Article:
Tonight, beginning at 8:30 p.m. Dallas County will continue aerial spraying for mosquitoes carrying the West Nile virus.

Aerial spraying for mosquitoes over Dallas County cities is cancelled for tonight.

At a Saturday afternoon update, County Judge Clay Jenkins said the chance of rain and windy conditions are keeping the planes on the ground until Sunday, Monday and Tuesday nights.

Friday night, storms cut short the spraying effort. Only about 30% of the intended area was sprayed. Planes will hit the remaining 70% Sunday night. Monday and Tuesday spraying will be a second application over the entire targeted area.

Dallas Mayor Mike Rawlings has declared a state of emergency because of escalating West Nile virus cases and deaths.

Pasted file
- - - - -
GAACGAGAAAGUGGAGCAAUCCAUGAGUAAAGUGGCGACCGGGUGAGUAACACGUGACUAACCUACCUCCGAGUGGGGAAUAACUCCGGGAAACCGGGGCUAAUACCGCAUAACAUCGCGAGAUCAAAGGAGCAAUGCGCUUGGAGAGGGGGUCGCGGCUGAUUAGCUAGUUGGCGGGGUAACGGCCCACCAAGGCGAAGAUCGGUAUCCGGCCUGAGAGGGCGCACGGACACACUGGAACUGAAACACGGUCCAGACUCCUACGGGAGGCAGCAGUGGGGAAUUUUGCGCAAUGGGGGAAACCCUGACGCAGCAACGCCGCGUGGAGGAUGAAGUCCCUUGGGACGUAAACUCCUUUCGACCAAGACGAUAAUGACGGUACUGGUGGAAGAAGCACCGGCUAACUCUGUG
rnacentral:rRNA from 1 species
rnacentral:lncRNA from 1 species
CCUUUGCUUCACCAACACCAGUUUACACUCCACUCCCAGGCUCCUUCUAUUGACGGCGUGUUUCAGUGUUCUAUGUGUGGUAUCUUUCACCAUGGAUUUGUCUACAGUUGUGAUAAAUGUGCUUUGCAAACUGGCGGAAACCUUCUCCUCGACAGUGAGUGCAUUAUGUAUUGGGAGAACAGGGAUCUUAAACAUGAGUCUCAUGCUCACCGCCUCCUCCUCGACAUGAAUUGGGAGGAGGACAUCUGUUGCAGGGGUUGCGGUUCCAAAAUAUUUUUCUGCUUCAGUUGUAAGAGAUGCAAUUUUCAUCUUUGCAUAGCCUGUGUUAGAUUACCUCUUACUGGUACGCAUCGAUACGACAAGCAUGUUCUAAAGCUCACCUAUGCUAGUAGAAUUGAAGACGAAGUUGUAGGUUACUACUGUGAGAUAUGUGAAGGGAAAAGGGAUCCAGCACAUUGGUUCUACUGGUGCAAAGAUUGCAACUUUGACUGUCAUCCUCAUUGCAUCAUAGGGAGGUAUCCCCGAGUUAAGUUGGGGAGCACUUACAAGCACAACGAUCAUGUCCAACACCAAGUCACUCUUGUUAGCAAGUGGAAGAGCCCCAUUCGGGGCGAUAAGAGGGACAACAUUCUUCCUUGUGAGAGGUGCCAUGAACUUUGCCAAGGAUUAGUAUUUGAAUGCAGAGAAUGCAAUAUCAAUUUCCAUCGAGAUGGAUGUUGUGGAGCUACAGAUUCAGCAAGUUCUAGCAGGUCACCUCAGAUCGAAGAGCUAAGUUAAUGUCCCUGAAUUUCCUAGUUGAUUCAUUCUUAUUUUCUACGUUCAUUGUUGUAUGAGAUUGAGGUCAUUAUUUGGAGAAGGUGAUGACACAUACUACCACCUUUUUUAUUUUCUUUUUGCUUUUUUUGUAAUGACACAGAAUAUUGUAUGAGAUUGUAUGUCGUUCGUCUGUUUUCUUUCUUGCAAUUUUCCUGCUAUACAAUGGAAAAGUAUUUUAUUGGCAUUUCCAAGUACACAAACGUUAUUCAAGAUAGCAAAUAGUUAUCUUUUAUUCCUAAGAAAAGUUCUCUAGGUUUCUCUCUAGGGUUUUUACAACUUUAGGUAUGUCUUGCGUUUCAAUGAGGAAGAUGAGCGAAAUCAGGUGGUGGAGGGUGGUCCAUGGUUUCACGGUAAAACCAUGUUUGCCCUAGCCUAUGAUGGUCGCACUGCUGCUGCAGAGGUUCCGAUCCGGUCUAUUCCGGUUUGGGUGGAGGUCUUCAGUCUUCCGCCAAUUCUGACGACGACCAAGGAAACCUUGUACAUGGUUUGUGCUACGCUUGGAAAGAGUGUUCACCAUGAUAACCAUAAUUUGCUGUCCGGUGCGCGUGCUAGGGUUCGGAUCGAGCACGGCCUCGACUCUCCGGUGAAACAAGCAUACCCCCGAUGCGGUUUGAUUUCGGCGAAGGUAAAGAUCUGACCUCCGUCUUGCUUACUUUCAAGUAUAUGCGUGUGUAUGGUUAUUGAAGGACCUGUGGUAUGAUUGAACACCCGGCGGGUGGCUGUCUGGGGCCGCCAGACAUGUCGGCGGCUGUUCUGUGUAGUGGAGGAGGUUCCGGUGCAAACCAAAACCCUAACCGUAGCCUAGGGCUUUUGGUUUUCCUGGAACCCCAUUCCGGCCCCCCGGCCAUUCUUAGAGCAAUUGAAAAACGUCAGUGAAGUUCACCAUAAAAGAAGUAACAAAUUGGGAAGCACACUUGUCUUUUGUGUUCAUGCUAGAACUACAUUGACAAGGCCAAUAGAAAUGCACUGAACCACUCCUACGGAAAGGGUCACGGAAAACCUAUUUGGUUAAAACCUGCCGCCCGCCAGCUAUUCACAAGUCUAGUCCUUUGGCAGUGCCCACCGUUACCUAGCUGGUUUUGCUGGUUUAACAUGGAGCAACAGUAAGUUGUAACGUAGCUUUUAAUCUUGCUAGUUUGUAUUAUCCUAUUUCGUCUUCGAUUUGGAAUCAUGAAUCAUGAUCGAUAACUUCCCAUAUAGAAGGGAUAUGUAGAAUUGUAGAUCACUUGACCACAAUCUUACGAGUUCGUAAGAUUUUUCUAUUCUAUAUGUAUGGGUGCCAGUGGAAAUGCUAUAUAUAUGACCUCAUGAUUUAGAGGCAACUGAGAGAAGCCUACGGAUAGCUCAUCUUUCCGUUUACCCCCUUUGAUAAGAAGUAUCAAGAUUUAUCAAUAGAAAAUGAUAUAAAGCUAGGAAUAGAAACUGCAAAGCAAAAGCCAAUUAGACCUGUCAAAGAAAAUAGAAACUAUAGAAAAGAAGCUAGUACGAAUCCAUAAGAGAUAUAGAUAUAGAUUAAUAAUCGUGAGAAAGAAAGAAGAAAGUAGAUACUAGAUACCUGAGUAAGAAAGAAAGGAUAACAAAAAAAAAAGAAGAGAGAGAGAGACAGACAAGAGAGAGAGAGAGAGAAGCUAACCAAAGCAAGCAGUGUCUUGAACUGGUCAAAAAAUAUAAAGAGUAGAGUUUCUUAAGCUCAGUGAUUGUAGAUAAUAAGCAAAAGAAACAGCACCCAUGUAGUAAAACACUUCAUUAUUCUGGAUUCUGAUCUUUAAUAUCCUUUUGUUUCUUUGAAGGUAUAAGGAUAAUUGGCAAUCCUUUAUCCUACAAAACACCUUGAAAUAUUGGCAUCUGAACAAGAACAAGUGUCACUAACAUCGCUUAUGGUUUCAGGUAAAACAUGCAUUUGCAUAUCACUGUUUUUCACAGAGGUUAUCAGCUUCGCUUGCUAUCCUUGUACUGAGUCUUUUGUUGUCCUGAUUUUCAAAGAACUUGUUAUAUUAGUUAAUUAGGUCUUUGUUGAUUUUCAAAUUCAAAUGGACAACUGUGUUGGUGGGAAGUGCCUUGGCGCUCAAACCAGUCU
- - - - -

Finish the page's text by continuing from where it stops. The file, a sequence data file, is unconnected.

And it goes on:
Parkland Hospital is ready to put another new name on the top office door. Parkland’s Board is expected to name a hospital turnaround expert as the new Interim CEO.

Bill Zeeble / KERA News

Some Dallas County cities are getting ready to launch aerial mosquito spraying, to combat West Nile virus. School districts are also faced with protecting students from the disease-carrying mosquitoes.

Sean McCann / (cc) flickr

Dallas County Judge Clay Jenkins expects a majority of cities north of I-30 will sign on to aerial spraying for mosquitoes – the carriers of West Nile virus.

UT Southwestern

The quintuplets born at UT Southwestern Medical Center are all in stable condition, doctors said at a press conference today alongside the babies' parents and older brother.

dr_relling / (cc) flickr

Dallas Mayor Mike Rawlings says he’ll meet with other officials early this week to discuss aerial spraying for mosquitoes carrying the West Nile Virus.